CNU poll: McAuliffe has 4-point lead over Youngkin
Margins tighten in all three statewide races
A new day brings new polling numbers for Virginia’s statewide candidates. In Christopher Newport University’s latest poll released Friday, Democratic gubernatorial candidate Terry McAuliffe leads Republican Glenn Youngkin with 49% of likely voters saying they plan to cast their ballots for the former governor against 45% for the Fairfax County retired businessman.
The race is within the survey’s 4.2% margin of error.
An additional 5% say they’re undecided, and 1% say they plan to vote for third-party candidate Princess Blanding. The survey, conducted Sept. 27-Oct. 6 among 802 registered Virginia voters who are likely to vote in the general election, was conducted by CNU’s Wason Center for Civic Leadership, which last released a survey in August showing a nine-point lead for McAuliffe. On Thursday, a poll by Emerson College and Nexstar Media Group indicated only a one-point lead for McAuliffe, basically a dead heat.
Most public polls released in the past month have shown the numbers tightening, with Youngkin catching up to McAuliffe. The CNU poll marks a shift for independent voters, with Youngkin gaining 11 points since late August, from 39% support to 50%, although McAuliffe has retained 50% support among women, 55% for voters age 44 and younger, and 59% of voters in Northern Virginia.
In the lieutenant governor race, Democrat Del. Hala Ayala leads Republican Winsome Sears 48% to 44%, with 8% undecided. In August’s CNU poll, Ayala led by 10 points. Incumbent Attorney General Mark Herring, a Democrat, leads Republican Del. Jason Miyares 49% to 42%, with 7% undecided, six points less than Herring’s lead in August.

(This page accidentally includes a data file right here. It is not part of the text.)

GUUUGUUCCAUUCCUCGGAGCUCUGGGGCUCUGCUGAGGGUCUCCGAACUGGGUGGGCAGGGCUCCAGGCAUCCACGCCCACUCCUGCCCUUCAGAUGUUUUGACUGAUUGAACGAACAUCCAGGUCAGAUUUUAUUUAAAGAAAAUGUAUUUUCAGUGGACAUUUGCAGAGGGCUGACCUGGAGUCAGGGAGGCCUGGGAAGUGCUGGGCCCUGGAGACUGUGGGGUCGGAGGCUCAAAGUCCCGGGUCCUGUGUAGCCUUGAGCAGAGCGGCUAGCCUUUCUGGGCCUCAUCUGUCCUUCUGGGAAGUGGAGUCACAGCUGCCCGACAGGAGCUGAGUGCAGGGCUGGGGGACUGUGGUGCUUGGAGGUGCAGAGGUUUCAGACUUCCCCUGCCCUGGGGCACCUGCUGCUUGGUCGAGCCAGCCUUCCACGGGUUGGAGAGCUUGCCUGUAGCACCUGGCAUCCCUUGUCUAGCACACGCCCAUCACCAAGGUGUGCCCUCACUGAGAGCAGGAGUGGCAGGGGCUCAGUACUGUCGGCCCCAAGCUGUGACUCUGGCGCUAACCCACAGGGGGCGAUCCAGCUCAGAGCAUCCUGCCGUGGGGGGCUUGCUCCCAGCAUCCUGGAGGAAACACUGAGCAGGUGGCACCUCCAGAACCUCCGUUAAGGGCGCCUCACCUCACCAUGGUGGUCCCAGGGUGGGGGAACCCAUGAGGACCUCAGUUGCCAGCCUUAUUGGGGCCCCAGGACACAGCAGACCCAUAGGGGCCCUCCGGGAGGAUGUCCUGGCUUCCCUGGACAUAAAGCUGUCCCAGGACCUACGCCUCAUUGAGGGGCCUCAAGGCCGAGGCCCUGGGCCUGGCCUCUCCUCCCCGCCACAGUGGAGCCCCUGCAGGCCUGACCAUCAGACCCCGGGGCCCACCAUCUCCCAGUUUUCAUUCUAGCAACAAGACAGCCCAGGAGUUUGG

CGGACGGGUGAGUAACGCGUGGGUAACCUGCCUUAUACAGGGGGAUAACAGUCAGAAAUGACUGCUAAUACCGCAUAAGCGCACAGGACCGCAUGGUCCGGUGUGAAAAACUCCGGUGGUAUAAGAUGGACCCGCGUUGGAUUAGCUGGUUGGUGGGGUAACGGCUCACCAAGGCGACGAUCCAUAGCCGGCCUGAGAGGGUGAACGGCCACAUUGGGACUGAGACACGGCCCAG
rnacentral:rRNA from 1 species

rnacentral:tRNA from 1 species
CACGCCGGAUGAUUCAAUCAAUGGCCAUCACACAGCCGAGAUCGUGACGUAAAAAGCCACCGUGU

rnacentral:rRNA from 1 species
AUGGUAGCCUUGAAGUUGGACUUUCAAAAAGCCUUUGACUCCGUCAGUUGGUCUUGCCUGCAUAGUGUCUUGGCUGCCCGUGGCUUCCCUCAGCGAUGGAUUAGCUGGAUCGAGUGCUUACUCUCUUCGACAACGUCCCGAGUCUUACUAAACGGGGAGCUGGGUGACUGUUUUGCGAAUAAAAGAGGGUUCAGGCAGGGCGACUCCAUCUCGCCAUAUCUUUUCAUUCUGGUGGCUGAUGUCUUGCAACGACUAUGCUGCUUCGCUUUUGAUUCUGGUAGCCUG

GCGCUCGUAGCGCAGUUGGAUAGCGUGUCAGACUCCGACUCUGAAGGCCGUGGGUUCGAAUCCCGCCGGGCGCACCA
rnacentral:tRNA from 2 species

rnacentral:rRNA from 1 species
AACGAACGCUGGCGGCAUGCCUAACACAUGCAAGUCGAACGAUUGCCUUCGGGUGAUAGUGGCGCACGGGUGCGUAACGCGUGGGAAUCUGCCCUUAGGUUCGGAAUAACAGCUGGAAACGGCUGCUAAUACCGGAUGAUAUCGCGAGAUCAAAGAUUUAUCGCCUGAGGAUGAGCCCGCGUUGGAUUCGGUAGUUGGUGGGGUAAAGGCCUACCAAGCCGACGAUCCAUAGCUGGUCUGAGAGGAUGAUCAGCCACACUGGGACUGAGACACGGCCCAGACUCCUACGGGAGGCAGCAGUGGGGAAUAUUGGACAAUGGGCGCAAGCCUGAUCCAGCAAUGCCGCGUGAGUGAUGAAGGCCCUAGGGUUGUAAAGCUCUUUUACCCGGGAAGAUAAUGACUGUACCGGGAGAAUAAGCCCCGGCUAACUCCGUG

The survey found that 61% of likely Republican voters are enthusiastic about the election vs. 55% of Democratic-leaning voters. In another question, 61% of those polled say they support laws to protect access to abortion, while 30% support making it more difficult to receive an abortion. The issue has become hotter lately due to Texas’ ban on all abortions after six weeks and the U.S. Supreme Court’s lack of action in suspending the law’s enactment.
“The abortion issue has been tricky for Youngkin,” Wason Center Research Director Rebecca Bromley-Trujillo said in a statement. “Trying to navigate between moderate voters who oppose further restrictions while simultaneously appealing to the Republican base who would like a strong pro-life stance, Youngkin has said he would not have voted for the Texas law, but he’s been unclear about how far he would go to restrict abortions in Virginia.”
McAuliffe, who says he supports abortion rights, including third-trimester procedures if a woman’s life is in danger, has used the issue to hammer his opponent, who was captured on video in July saying he couldn’t talk extensively about the issue, because abortion rights could cause him to lose some independent votes.